Suit filed against Tenn. woman over fraudulent employment agencies‏

Nick Rees Oct. 13, 2009, 5:49pm

Bob Cooper (D)

NASHVILLE, Tenn. (Legal Newsline) - Tennessee's attorney general has filed a lawsuit against a woman who is alleged to have mislead the public about what services her four employment agencies offered.

Linda McCluskey, the owner of the current agency, Britton James & Associates, as well as three former agencies -- The Franklin Group of America, Hamilton Clark International and The Renaissance Group International -- and the principal of at least four separate employment agencies, is alleged to have promised to find consumers jobs at exaggerated salary levels.

"Unfortunately, record high unemployment creates an environment where some try to take advantage of others by giving them false hope with a large price tag and little or nothing in return," Attorney General Bob Cooper said.

McCluskey is also alleged to have promised career development, career management and career transition services as well as other related job placement services.

Consumers who came to McCluskey are alleged to have been charged an up-front fee, which is a violation of the state consumer and employment agency laws. Under the Tennessee Employment Agency Act, employment agencies can only collect fees after the agency has secured an employee a paid position.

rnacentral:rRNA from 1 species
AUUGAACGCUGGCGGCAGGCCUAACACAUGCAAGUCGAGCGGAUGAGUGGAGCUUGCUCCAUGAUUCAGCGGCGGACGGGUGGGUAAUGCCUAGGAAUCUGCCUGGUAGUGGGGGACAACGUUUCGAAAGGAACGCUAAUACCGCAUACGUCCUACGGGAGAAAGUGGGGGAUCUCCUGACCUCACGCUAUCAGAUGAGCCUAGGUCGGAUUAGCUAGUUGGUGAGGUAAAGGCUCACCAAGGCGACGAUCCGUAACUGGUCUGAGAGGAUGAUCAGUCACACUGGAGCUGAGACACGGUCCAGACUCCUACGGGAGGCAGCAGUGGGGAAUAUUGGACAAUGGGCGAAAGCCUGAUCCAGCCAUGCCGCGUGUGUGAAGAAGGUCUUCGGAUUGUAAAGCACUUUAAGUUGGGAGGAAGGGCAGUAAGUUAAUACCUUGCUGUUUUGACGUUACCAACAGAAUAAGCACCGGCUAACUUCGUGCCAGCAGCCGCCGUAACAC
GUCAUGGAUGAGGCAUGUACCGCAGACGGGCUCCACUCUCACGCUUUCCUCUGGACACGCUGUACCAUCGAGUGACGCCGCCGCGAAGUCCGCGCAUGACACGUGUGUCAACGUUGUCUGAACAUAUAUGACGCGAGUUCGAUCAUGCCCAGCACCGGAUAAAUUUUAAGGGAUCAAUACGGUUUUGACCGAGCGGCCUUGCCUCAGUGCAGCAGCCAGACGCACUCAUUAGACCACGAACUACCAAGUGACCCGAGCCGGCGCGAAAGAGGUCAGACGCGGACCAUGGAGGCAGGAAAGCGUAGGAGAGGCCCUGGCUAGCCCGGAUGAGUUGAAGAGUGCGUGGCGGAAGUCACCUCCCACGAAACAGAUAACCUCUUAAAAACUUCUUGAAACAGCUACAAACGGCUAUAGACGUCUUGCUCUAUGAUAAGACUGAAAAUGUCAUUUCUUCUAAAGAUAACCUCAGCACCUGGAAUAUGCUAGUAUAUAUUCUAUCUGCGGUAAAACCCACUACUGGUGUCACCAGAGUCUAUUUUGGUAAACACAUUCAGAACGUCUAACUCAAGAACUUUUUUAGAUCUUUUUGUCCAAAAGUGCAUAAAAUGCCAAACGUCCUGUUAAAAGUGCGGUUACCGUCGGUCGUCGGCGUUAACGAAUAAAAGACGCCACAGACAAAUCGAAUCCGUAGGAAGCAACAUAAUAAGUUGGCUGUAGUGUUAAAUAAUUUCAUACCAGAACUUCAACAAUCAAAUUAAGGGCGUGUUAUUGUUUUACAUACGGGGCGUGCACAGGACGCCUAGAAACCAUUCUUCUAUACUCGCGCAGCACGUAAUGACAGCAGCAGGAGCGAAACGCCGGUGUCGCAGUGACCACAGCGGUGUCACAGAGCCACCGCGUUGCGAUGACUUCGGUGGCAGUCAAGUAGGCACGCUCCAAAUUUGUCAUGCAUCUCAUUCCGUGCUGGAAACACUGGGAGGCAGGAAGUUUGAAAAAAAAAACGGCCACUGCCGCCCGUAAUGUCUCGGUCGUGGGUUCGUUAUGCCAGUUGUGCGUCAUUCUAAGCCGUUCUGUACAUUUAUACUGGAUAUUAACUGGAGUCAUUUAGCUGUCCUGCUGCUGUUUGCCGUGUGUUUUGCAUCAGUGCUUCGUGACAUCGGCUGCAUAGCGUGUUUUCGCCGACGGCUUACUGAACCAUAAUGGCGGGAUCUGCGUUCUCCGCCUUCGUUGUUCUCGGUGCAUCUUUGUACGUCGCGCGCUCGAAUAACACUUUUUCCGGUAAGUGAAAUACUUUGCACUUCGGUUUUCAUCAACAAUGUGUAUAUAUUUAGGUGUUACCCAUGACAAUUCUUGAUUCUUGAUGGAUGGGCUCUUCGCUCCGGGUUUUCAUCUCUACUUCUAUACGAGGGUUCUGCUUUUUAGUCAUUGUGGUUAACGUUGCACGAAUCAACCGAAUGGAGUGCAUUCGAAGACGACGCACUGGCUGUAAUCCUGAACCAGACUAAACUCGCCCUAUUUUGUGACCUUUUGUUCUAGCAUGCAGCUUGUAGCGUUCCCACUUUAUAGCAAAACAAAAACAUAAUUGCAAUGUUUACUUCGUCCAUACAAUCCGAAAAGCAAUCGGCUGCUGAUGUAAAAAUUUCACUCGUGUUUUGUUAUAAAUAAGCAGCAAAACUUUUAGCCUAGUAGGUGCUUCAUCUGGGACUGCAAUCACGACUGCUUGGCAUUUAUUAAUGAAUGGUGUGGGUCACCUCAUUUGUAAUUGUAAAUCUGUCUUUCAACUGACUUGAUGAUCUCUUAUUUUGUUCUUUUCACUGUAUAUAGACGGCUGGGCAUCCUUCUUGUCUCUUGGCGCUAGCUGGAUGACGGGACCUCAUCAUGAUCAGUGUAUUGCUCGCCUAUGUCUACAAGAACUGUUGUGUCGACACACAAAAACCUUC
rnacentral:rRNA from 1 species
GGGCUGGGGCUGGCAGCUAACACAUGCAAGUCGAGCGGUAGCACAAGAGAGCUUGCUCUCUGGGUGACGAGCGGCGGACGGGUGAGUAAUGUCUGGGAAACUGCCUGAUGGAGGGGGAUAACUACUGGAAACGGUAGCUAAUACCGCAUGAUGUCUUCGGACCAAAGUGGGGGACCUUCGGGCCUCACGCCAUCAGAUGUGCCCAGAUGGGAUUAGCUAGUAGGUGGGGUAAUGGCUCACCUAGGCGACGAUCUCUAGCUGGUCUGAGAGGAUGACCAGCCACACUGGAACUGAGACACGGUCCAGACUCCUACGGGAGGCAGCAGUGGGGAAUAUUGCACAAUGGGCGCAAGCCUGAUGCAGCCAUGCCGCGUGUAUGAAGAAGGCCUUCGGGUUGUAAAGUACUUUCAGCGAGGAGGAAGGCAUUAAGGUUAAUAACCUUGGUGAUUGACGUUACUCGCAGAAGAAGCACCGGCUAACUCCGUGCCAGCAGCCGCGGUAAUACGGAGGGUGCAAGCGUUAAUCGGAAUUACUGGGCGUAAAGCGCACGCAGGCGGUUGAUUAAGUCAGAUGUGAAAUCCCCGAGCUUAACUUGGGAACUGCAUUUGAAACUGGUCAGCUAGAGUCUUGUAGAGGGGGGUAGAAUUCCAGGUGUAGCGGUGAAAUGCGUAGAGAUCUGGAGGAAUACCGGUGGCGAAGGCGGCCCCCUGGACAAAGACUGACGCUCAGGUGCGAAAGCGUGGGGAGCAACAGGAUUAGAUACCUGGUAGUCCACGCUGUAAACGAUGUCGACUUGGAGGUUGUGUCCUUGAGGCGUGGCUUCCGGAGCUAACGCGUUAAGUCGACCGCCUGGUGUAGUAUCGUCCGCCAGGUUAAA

McCluskey advertised on job-seeking websites that her businesses were seeking qualified candidates for jobs ranging from $50,000 to $500,000 in salary. When consumers contacted the companies over the ads, they were informed that the business had contacts in the companies who could place the applicant "in front of the decision makers." The applicants were then told that, in addition to the high salaries, that they should expect a signing bonus.

McCluskey and her businesses are accused of failing to deliver on the promised contracts, not arranging interviews, and even failing to contact and employers at all. She is also alleged to have used several aliases to post identical advertisements on various Web sites, all of which made that same fraudulent representations.

More than 120 inquiries were received by the Better Business Bureau into McLuskey's Britton James & Associates alias. More than a dozen people have filed complaints against McCluskey and her various aliases.

The lawsuit against McCluskey seeks restitution for consumers as well as penalties and an injunction to prevent McCluskey or her associates from operating an allegedly fraudulent and misleading employment agency or from engaging in unlawful practices in the state.

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